14. Thanks for the info.Here's the bass boot camp info I was talking about.By friend Demian said it's expensive but really thourough.He said he got alot out of it.I'm thinking about going in the spring.
    Not to mention,Its taught by the pros.
    http://www.geraldveasley.com/bassbootcamp/index.htm
     
  15. CJK84

    CJK84

    Jan 22, 2004
    Maria Stein, OH
    Best advice given.

    To authentically play any genre (i.e., to capture its unique essence), you must internalize the sound and feel of it by immersing yourself in the music - lots of it. Critically listen to a lot of funk - play along to a lot of funk, trying to emulate the feel.

    The funk lines that I like best (mostly mainstream/pop recordings from the 70s) feature black bassists - have the best feel IMO.
     
  16. Whafrodamus

    Whafrodamus

    Oct 29, 2003
    Andover, MA
    Your only real solution is to not be white. Pull an anti-Michael Jackson.. Few have ever done this successfully.
     

  17. If your hitting the other strings when you slap , then like guitarists in a bar chord, have a fingure dull the rest of the strings, its good to do that all the time so you end up with som pure tone. But just practice getting your thumbs aim down :)
     
  18. h_oudini

    h_oudini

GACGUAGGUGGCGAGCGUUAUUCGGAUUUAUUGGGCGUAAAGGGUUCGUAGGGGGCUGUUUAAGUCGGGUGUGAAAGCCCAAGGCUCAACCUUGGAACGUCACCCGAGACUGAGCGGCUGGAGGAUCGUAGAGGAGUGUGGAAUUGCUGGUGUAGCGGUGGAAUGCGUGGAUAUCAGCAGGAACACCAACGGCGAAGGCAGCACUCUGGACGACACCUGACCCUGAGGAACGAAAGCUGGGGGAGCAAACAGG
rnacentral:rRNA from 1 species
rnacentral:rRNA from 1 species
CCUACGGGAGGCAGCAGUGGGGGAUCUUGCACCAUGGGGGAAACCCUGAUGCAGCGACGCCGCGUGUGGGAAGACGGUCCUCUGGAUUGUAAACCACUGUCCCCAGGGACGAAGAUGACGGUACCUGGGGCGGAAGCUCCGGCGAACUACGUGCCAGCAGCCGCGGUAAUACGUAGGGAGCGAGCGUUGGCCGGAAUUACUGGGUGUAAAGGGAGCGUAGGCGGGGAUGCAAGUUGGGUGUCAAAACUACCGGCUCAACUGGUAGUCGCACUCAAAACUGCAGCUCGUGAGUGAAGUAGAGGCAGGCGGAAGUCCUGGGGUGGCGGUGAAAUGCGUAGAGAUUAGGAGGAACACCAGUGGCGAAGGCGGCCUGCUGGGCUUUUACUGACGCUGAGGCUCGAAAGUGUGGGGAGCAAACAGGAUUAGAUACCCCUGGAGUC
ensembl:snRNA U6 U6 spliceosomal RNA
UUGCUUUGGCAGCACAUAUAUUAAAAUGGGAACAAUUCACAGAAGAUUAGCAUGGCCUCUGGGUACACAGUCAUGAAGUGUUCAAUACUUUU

Dec 7, 2004
    Funk is more about the space between the notes and not the notes you play.
     
  19. NJL

    NJL

    Apr 12, 2002
    San Antonio
    add me'shell, matt garrison, etc.

    :D
     
  20. Are you actually slapping it right? When I'm slapping, I'm generally in a sorta "thumbs up" style position with my thumb running up the strings, as opposed to perpendicular to the strings as I've seen lots of people who've been learning to slap do?

    I think it was Michael Dimin who suggested it, but there's an exercise you can do with a drum-stick to help build up your 'slapping muscles' and learn to rotate your wrist in the right way. Part of the mission is to get the tone right, and to do this you need to have a half-way decent technique. Check out www.michaeldimin.com for more.

    Recently, we've been doing more exploratory funky sorta stuff in our band, and I've found that I'm playing fewer notes in most songs. You've gotta remember that funk is something that makes you want to move, so it's best to have a clearly defined rhythm (definite emphasis on whichever beat grooves best), as opposed to just a stream of notes being fired out. The notes you don't play really are as important as the ones you do play. The best thing I started doing in terms of my playing was using rests properly. You don't have to play every beat of the bar, but that's not to say you should miss out huge chunks of a song - unless it calls for it.

    Anyhoo, just keep listening and absorbing information.

    Personally, I've hardly heard any funk by the bassists above - or, indeed many of the bassists above at all - so does anyone have some specific suggestions for songs/albums to pilfer?

    Mark.

    Edit: In terms of muting when slapping, I barely move my right hand at all nowadays, and I usually just mute it with my right if needs be, with the sorta more meaty part of my palm.